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Italian Marble and Quality, Why is it so loved?
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Italian Marble and Quality, Why is it so loved?

Italian marble is one of the most famous and most sought after natural stones in the world. Known for its beauty and history, it has been traded and used for thousands of years in the mediterranean, Europe and the world. Hosting a list of incredible stones such as Carrara, Calacatta and Statuario, Italy is a historical hub of marble. In this blog post, we will be explaining the general history of Italian marble and why it's so popular.

Brief History of Italian Marble

Use and trade of marble in the Italian peninsula has been going on since early antiquity. Romans widely used marble, especially white marble. The famous Carrara marble and its siblings in the same area, were discovered in the 1st Century BC(1). By then the area of Carrara was called Luni, and its marble Luna marble.(2) Luna meaning Moon in Latin reflected the colour and homogeneity of the Carrara marble. After its discovery, the region flourished and Carrara marble became one of the most traded marble in the Mediterranean at the time, especially during late republic and early empire era.(3)  Later in the imperial period, marble was more popularised. As we all have heard the phrase “Augustus found a city of brick and left one of marble”. Caesar heavily started using marble, especially white marble from Carrara in his projects, and Augustus continued his projects.(4)

The value of marble in Rome was evident because it was seen as the symbol of the Empire(4). If marble was imported to outer provinces, it was to mark projects as Imperial rather than provincial art.

During the renaissance period the trade of marble was extensive, especially in the Italian Peninsula. Venice was a major importer and trader of marble in north Italy(5).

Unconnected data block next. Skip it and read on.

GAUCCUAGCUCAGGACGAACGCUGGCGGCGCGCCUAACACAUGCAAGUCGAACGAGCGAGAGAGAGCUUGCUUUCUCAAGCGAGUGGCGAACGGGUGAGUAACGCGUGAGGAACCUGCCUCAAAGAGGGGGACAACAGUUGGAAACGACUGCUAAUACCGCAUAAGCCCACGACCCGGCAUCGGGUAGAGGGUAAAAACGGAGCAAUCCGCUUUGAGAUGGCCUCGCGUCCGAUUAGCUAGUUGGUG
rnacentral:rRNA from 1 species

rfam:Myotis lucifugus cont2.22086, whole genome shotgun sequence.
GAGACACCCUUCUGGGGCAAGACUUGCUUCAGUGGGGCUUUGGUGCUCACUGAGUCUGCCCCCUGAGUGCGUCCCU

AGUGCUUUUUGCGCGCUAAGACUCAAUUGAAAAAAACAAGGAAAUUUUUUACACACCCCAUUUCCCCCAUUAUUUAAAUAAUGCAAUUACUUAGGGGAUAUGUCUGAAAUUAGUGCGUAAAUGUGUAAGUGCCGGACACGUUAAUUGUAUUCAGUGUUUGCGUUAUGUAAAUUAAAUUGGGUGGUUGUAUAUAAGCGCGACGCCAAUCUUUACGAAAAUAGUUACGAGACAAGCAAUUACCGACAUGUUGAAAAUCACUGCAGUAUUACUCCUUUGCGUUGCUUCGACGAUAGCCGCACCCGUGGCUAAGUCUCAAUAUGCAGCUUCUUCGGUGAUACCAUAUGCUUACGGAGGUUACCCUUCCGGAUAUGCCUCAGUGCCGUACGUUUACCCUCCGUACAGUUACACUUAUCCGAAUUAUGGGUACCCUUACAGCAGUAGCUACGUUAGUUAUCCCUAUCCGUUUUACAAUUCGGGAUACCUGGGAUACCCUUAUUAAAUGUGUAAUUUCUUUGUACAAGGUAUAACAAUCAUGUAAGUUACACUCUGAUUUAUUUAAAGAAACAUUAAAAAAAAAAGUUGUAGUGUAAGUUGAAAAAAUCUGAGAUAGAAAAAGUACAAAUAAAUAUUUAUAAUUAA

Notable Marble Architectural Works

As we have mentioned before, marble has been used since early antiquity. Because of its texture, long-lasting and strong qualities, it has been a common material for monumental works.

In Rome, one of the most notable buildings that used Carrara was The Pantheon, used in its interior and exterior. Over time, the marble exterior was removed but its interior survived. Romans also used marble in a lot of their triumphal architecture, such as the Arch of Titus, Trajan’s Column(made from 20 pieces of colossal marble drums!), Column of Marcus Aurelius and many more.


Roman Pantheon Interior
Roman Pantheon Interior

During the mediaeval period, use of marble shifted towards Cathedrals and Churches. Most popular of these buildings include Cathedral and the tower of Pisa, Siena Cathedral and many more Churches in Europe.

With the coming of the Renaissance, marble was heavily used in the sculpture of statues in Italy. The use of marble in churches and other religious buildings continued, but the most popular artistic pieces from this era are the statues made from marble.

Why Italian Marble Is Considered The Best

Most popular Italian marble, in terms of technical details, have a certain quality. Statuario marble for example has a high tensile strength and can take very fine detail and hold very fine detail(6). It is also very homogenous and has a silky texture that is most evident when used in statues, such as Michelangelo’s David. Michelangelo valued Carrara over all other stones because of these qualities.This homogenous feature combined with their strength, makes Italian marble’s great for homes.

Michelangelo's David Up Close: Focus on the softy milk texture on the hands made with Carrara Marble
Michelangelo’s David

Most Popular Marble types from Italy:

Italy has numerous types of natural stones and marble, but there are some that are valued the most. These are;

  • Carrara Marble, one of the most homogenous marble in the world, has a great look coupled with a polished finish. Italian Carrara Marble tiles are very popular.
  • Statuario Marble, one of the siblings of Carrara marble, has grey veins with a smooth white surface.
  • Calacatta Marble,
      • Calacatta Gold Marble, a marble from the Apuan Alps in Northern Italy, has luxurious gold veins with a white surface.
      • Calacatta White Marble, soft grey veins with a white surface that is brighter than Carrara’s

    You can find more Italian marble tiles in our store.

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